In 1777, Rabbi Menaḥem Mendel of Vitebsk, the foremost leader of the still-young ḥasidic movement in what is now Belarus, set off with 30 of his followers and their families for the Land of Israel. Among his fellow travelers was another prominent Belarusian ḥasid, Abraham Katz of Kalisk, famous for his fits of wild prayerful ecstasy. They arrived—after an arduous six-month journey over land and sea—in Safed, which two centuries before had been an international capital of Kabbalah. A few years later they relocated to Tiberias, a city with its own rabbinic tradition dating to the 1st century CE. Yitzhak Melamed tells their story:
In 1785, Menaḥem Mendel of Vitebsk built a fine three-floor house. The upper floor served (and still serves) as a small synagogue. But . . . by Purim [of 1786], Tiberias had been stricken by the plague. Menaḥem Mendel sealed himself and ten of his disciples in his newly built house. For more than two months, no one came in or out of the walls of the house. Preparations for Passover, the seder night, the mourning [period following Passover known as the] of the Omer, and the ḥasidic gatherings at the end of the Sabbath were all experienced in quarantine on the shores of the Galilee.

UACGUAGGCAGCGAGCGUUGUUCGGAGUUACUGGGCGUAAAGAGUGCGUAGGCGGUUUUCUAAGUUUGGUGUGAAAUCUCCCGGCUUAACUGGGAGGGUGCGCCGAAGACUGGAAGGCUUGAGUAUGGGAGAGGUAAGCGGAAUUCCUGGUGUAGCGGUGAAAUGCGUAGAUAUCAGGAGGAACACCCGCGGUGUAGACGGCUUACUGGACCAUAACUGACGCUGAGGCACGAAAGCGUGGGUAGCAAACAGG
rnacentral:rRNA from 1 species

The Kalisker [as Rabbi Katz was known], meanwhile, followed his ailing son to the village of Peki’in, where he himself fell ill. Seeking a place to heal, the Kalisker and his son climbed the mountain and found shelter in a cave, as if reenacting the talmudic story of Rabbi Shimon bar Yoḥai and his son, Elazar, who hid in a Peki’in cave during the Hadrianic persecutions [of the 2nd century]. Following a long illness, which they described as coming in waves, the Kalisker and his son eventually recovered.
For both the Kalisker and Rabbi Menaḥem Mendel, past and present blurred in their thoughts about the plague: the ten plagues of Egypt, Passover, the plague of the disciples of Rabbi Akiva who perished during the Omer between Passover and Shavuot, and their own day-to-day experience of cholera in Tiberias were uncannily fused.
[In 1788], Menaḥem Mendel passed away. The Kalisker succeeded him and led the ḥasidic community in Tiberias for more than twenty years, until his demise in 1810.